Lionel Bonaventure / AFP - Getty Images , Reuters
One of the breakaway men, Netherland's Johnny Hoogerland, is seen after he crashed and landed in a fence at the side of the road during the ninth stage of the 2011 Tour de France between Issoire and Saint-Flour, on July 10. Spain's Juan Antonio Flecha and Hoogerland survived being hit at speed by a car which bore the marking of France Televisions.
Laurent Rebours / AP
Injuries from barbed wire are seen on the legs of Johnny Hoogerland of The Netherlands as he crosses the finish line of the 9th stage of the Tour de France.
Cyclists anticipate all number of obstacles during this three-week showcase — wet roads, extreme heat, dehydration, exhaustion, crashes. Getting sent airborne by a Tour car is not one of them.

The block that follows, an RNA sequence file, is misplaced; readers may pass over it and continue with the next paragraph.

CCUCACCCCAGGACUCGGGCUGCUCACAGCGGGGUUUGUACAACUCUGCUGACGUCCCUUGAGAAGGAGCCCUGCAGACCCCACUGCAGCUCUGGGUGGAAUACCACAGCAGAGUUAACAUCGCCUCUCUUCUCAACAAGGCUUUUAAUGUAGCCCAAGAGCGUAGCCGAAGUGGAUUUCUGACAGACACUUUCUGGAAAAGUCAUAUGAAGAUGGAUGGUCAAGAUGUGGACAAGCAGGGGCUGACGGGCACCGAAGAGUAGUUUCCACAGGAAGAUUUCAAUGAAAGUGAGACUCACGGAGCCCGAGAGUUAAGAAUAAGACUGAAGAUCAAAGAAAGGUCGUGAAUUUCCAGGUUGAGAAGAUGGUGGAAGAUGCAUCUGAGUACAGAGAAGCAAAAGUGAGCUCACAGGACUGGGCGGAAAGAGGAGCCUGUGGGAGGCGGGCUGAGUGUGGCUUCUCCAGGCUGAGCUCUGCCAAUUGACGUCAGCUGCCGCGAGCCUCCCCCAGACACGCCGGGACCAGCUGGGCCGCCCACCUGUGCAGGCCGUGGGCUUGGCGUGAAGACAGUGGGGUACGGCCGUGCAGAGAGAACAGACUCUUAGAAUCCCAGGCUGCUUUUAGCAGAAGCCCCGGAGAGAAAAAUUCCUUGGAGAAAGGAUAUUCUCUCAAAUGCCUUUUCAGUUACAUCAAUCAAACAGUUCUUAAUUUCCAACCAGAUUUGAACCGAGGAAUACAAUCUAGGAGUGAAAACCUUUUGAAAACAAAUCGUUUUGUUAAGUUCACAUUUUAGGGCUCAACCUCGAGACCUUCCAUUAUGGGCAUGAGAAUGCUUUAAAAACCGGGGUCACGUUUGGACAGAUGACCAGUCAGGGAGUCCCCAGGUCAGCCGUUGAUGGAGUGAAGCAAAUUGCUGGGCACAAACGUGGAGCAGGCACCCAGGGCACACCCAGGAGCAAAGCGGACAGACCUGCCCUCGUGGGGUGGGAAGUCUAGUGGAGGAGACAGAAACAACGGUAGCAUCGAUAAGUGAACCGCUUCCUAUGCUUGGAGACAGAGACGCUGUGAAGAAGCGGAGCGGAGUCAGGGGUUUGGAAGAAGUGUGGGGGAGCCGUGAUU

But that's what happened to the Flecha and to Johnny Hoogerland as they entered the final stretch of the 129-mile route from Issoire to Saint-Flour in the Massif Central. They were in a five-man front group that included Voeckler, Sanchez and France's Sandy Casar.
If Vinokourov's crash, which involved about 30 other riders midway through the stage, was not scary enough, the sight of an out-of-control car swerving right into Flecha was a perplexing sight — even in a race more than a century old.
The impact hit Flecha like a shovel, sending the Spaniard flying sideways into Hoogerland. Hoogerland then soared upward, just scraping a barbed wire fence. Had the Dutchman hit that face-first, the damage would have been gruesome.
Check out the full story here.